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Bug#727708: Init system resolution open questions

Ian Jackson <ijackson@chiark.greenend.org.uk> writes:

> As I mentioned on IRC, I think we need to get some clear answers to
> certain questions from everybody.

> * For which init systems should there be a low nmu threshold for
>   native support in packages ?

I believe this should be the Linux default plus (if different) whatever
init system is used by the non-Linux ports.  (Putting aside the question
of whether the Technical Committee can set an NMU threshold for the

> * Daemon package maintainers should accept reasonable patches for
>   some set of init systems.  Which init systems ?

The same as the list for a low NMU threshold above.

> * What opinions do we state for jessie+1 - are we hoping for one or
>   two systems (which two), or more, or are we not saying yet ?

I think we should say that native (not via legacy sysvinit shell scripts)
support for the Linux default is encouraged for jessie+1, and beyond that
leave this alone.

My fallback position would be to say that we expect to converge on at most
two well-supported init systems, one for Linux ports and one for non-Linux
ports.  I think the question of whether to use OpenRC or upstart for
non-Linux ports is best deferred.

> * If systemd is the default on Linux, what opinions do we want to
>   state, if any, re non-Linux ports at this stage ?

We will require sysvinit support through the jessie release.

Post jessie, my preference would be to say that support for the init
system used by non-Linux ports should be treated the same way as any other
porting issue to the non-Linux ports, such as PATH_MAX issues with Hurd.
In other words, those are normal bugs in packages unless the release team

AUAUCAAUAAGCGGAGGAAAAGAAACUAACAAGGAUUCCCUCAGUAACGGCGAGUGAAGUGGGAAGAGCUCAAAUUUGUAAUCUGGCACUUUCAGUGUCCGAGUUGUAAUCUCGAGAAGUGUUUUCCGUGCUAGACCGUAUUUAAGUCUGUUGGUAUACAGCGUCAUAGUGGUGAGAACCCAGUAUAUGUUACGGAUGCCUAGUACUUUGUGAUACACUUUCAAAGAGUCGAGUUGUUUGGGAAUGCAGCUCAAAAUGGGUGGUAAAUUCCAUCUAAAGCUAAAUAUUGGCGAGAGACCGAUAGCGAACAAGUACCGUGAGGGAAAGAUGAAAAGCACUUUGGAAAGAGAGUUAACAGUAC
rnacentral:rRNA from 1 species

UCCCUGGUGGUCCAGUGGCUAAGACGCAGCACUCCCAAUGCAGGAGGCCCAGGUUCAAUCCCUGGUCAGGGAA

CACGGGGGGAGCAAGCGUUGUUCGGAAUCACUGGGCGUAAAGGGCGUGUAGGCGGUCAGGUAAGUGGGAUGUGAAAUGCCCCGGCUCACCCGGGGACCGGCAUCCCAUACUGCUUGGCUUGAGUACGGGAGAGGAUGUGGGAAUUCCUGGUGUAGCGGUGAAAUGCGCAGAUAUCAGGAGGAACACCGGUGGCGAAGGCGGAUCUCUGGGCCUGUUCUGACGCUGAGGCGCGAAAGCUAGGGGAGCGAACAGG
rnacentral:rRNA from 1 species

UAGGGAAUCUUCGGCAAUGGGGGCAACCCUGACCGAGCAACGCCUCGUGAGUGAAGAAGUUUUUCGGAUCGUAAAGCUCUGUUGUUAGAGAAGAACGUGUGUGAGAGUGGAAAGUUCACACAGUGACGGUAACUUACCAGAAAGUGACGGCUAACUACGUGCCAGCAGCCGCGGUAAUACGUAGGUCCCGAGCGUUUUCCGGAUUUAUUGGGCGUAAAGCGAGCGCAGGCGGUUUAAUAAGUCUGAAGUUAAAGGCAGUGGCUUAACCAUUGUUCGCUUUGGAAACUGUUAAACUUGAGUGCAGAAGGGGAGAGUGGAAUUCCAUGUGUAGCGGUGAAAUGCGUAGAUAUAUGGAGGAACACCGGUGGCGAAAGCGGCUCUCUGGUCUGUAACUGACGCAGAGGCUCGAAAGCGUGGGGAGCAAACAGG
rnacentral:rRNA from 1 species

decides that a non-Linux port is a release architecture, maintainers
should apply patches unless they're excessively intrusive, and maintainers
aren't expected to test on those architectures.

> * What should be an RC bug in jessie ?

> * What should be an RC bug in jessie+1 ?

I think we should (and possibly are required to) defer to the release team
on RC bugs in particular, but I do think we should say that support for
the default init system and for sysvinit are required for jessie (with the
caveat about what "required" means for packages that rely on functionality
not provided by sysvinit).

> I also think we need to answer:

> * What level of dysfunction is OK if an application (or a desktop
>   environment or whatever) isn't running on its preferred pid 1 ?

I think this depends a lot on whether the package is something significant
enough that we would consider it to be a release blocker or whether it is
an edge package, and whether the package is directly related to the init
system or is unrelated.

For example, were someone to want to package a variety of neat daemon
management tools for OpenRC, I don't see any reason why that should be
prohibited from the archive even if it requires OpenRC to run.  And while
I think it's a little weird to have some application in the archive that's
packaged so that it will only work with a non-default init, as long as it
declares that dependency in some reasonable way (that doesn't result in
the system being switched to that init system when it's installed), I have
a hard time seeing exactly what it *hurts* to have it in the archive.

I think that major packages that would be considered release blockers,
which probably includes GNOME, KDE, and Xfce, need to support the default
Linux init system in the sense that, if they don't, I don't think we can

I think a substantial degredation of functionality when running on an init
system other than the Linux default would be okay for for jessie+1.  For
jessie, I think it depends greatly on how feasible making them work with
sysvinit is (and I suspect sysvinit support would be sufficient for all
other purposes).

> * Do we want to give any guidance about what a maintainer may consider
>   an unreasonable native-init-system-support patch ?  Or to put it
>   another way, do we intend to overrule a maintainer who declines to
>   implement one (or any) non-forking startup protocol ?

This is hard.  I'm not sure.  I'm leaning towards not getting into this.

Russ Allbery (rra@debian.org)               <http://www.eyrie.org/~eagle/>

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